With the help of his younger sister, seven-year-old Abdul raises money to go to school by selling oranges in the marketplace in Sierra Leone.
“Sarah Margru Kinson, as she came to be known, was only nine years old when she was taken from her home in Africa and brought to Cuba, where she and fifty-two other captives, including three other children, were sold and taken aboard the Amistad. The Africans revolted and took over the ship, but were later captured and put on trial, a trial that went all way to the Supreme Court and was argued in the Africans’ favor by John Quincy Adams, allowing them to return home to Africa. Here is that extraordinary story as told by one of those children. A fictionalized account.”–Jacket flap.
The astounding story of one girl’s journey from war victim to UNICEF Special Representative.As a child in a small rural village in Sierra Leone, Mariatu Kamara lived peacefully surrounded by family and friends. Rumors of rebel attacks were no more than a distant worry.But when 12-year-old Mariatu set out for a neighboring village, she never arrived. Heavily armed rebel soldiers, many no older than children themselves, attacked and tortured Mariatu. During this brutal act of senseless violence they cut off both her hands.Stumbling through the countryside, Mariatu miraculously survived. The sweet taste of a mango, her first food after the attack, reaffirmed her desire to live, but the challenge of clutching the fruit in her bloodied arms reinforced the grim new reality that stood before her. With no parents or living adult to support her and living in a refugee camp, she turned to begging in the streets of Freetown.In this gripping and heartbreaking true story, Mariatu shares with readers the details of the brutal attack, its aftermath and her eventual arrival in Toronto. There she began to pull together the pieces of her broken life with courage, astonishing resilience and hope.
See the review at WOW Review, Volume 3, Issue 4
The memoir and the movie have only scratched the surface. Black Man’s Grave tells what happened to place the boy-turned-soldier in jeopardy and why Sierra Leone’s diamonds acquired their bloody tinge. Meet the greedy politicians who hijacked a fledgling democracy, the rebels who brought them down, and the villagers who struggled to survive the country’s chaotic descent. The cast includes Sierra Leone’s “big man,” Siaka Stevens; RUF leader Foday Sankoh, whose grandfatherly demeanor belied the viciousness with which he sought to impose his “revolution”; and one who aspired to the big man role, Charles Taylor from next-door Liberia. Taylor’s support for Sierra Leone’s rebel war expanded from initial hostility toward Stevens’s handpicked successor into a commercial venture that supplied arms in exchange for diamonds. In an offshoot of that pernicious trade, links between Sierra Leone’s diamonds and al Qaeda have been traced. The revelations of Black Man’s Grave help us understand the frustrations that simmer throughout much of the third world and threaten a peaceful future.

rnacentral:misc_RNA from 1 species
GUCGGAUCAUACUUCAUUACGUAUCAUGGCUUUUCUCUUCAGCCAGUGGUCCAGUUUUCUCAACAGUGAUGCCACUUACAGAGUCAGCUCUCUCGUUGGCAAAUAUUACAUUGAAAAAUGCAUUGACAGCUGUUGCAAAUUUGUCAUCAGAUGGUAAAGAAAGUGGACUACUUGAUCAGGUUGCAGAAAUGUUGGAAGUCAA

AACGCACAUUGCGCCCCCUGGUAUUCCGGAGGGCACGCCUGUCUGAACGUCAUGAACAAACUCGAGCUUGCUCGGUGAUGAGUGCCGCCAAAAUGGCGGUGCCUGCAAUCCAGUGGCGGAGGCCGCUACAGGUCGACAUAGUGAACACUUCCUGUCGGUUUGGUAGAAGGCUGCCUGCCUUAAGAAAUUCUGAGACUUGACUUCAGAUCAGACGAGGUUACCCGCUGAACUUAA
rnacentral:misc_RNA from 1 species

This is how wars are fought now: by children, hopped-up on drugs and wielding AK-47s. Children have become soldiers of choice. In the more than fifty conflicts going on worldwide, it is estimated that there are some 300,000 child soldiers. Ishmael Beah used to be one of them.What is war like through the eyes of a child soldier? How does one become a killer? How does one stop? Child soldiers have been profiled by journalists, and novelists have struggled to imagine their lives. But until now, there has not been a first-person account from someone who came through this hell and survived.In A Long Way Gone, Beah, now twenty-five years old, tells a riveting story: how at the age of twelve, he fled attacking rebels and wandered a land rendered unrecognizable by violence. By thirteen, he’d been picked up by the government army, and Beah, at heart a gentle boy, found that he was capable of truly terrible acts.